"Those funds were not put into business opportunities, legitimate investments, or any interest-yielding source," the Department of Justice said in a statement in May 2019. "Instead, Gignac used the money to finance his lavish lifestyle, including Ferraris, Rolls-Royces, yachts, expensive jewelry, designer clothing, travel on private jets, and a two-bedroom property on Fisher Island. Investors were also tricked into giving Gignac extravagant gifts like paintings, jewelry, and memorabilia."
In order to sell his con to those investors, Gignac did more than just dress the part, wearing expensive jewelry such as diamond rings, Cartier bracelets and Rolex watches, as well as traditional Middle Eastern garments like a white thobe and a red-and-white ghutra headdress. According to court documents, he also bought the fake diplomatic license plates for his luxury cars and fabricated documents with names of law firms and banks associated with the real Saudi royal family in order to make his claims of wealth and status seem legitimate.
"The idea that you could buy a good portion of that company, which is valued at $2 trillion, at a discounted rate … An outstanding return of investment is something that lured a lot of people to Mr. Gignac," Diplomatic Secret Service special agent Ryan McSeveney told CNBC in an interview for "American Greed."
To be fair, Gignac had also been honing his scheme for much of his life.
Starting in 1988, Gignac was arrested or convicted 11 times for schemes where he was impersonating a prince or other Middle Eastern royalty, according to the U.S. Justice Department.
After leaving his adoptive family in Michigan as a teenager, Gignac began using stolen credit cards to cruise around Detroit in limousines while trying to pass himself off as "Prince Adnan Khashoggi," using the name of a billionaire Saudi arms dealer, according to Vanity Fair.
Gignac eventually took his act to California, where in 1991 The Los Angeles Times dubbed him the "Prince of Fraud" after the then 21-year-old racked up nearly $3,500 in room and food bills at the Regent Beverly Wilshire Hotel, along with another $7,500 in limousine charges and more fraudulent purchases of Louis Vuitton luggage from Rodeo Drive shops. Gignac had promised that his wealthy family would pay off his debts — even convincing the tony hotel's employees to refer to him as "Your Highness" — but he was eventually arrested and sentenced to two years in prison.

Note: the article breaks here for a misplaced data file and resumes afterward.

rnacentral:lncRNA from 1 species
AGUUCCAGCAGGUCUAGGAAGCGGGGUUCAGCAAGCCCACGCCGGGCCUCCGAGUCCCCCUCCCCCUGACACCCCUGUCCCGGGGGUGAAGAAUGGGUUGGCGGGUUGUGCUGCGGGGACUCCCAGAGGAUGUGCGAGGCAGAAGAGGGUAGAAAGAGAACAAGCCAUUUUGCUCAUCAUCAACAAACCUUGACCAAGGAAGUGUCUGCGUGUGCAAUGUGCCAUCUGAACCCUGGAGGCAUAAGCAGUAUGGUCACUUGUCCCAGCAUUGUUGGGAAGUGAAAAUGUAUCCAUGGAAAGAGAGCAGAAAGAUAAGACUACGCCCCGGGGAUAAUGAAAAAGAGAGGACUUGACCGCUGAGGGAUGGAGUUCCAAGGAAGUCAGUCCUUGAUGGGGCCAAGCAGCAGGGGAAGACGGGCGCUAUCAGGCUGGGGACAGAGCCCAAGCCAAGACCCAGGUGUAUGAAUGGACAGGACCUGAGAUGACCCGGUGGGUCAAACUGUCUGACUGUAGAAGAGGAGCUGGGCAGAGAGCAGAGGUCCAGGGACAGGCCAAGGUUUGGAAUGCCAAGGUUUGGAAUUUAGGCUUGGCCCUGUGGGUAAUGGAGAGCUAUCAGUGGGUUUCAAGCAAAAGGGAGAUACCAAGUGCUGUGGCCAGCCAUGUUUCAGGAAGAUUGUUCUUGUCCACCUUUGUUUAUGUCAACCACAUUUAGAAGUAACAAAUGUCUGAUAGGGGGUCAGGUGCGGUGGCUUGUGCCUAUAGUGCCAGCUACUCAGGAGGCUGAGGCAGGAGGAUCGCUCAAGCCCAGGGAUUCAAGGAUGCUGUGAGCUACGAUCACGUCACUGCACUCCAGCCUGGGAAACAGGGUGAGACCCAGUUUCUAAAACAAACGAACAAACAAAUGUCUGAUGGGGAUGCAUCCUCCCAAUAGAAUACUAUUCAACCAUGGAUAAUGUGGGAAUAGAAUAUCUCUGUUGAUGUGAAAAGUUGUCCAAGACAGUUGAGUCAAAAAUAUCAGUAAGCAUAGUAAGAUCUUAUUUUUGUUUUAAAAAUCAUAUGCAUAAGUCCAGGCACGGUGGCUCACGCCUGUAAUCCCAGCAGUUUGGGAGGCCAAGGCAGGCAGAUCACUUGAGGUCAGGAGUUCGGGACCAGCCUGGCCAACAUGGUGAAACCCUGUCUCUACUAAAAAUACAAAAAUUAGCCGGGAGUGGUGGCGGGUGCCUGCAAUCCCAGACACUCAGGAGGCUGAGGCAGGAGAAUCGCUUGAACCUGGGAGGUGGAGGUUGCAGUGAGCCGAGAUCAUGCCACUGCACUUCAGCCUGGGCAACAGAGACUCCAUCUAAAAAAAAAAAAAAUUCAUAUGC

"He was very audacious, he was very bold, and he was very aggressive," McSeveney tells "American Greed." Gignac often pulled off his cons by being loud and aggressive, angrily yelling at anyone who challenged his identity, asking: "Do you know who my parents are?"
"Nobody would really believe that if you were faking this that you would draw that much attention to yourself, and scream and yell," Trinity Jordan, a former Assistant U.S. Attorney in Florida's Southern District, tells CNBC. "Because it's so bold, and opposite what you normally would expect a con-man to do, it's probably why it worked."
Gignac continued pulling off relatively small-scale cons throughout the 1990s and 2000s, using forged documents to con credit card companies into giving him cards under the name Khalid Bin Al-Saud. He then maxed out those cards running up bills worth tens of thousands of dollars at hotels and upscale retailers across the country.
In 1993, Gignac traveled to Hawaii, where he pretended to be a prince and scammed tourists out of nearly $30,000 to cover his stay at a luxurious resort by falsely claiming he could offer them a stake in an oil field in Saudi Arabia, according to Vanity Fair, which cites court documents. He pulled similar frauds in Florida, running up tens of thousands of dollars in credit card debt at high-end resorts, such as the Walt Disney World Grand Floridian Beach Resort in Orlando, as well as more than $51,000 at a Florida Saks Fifth Avenue location.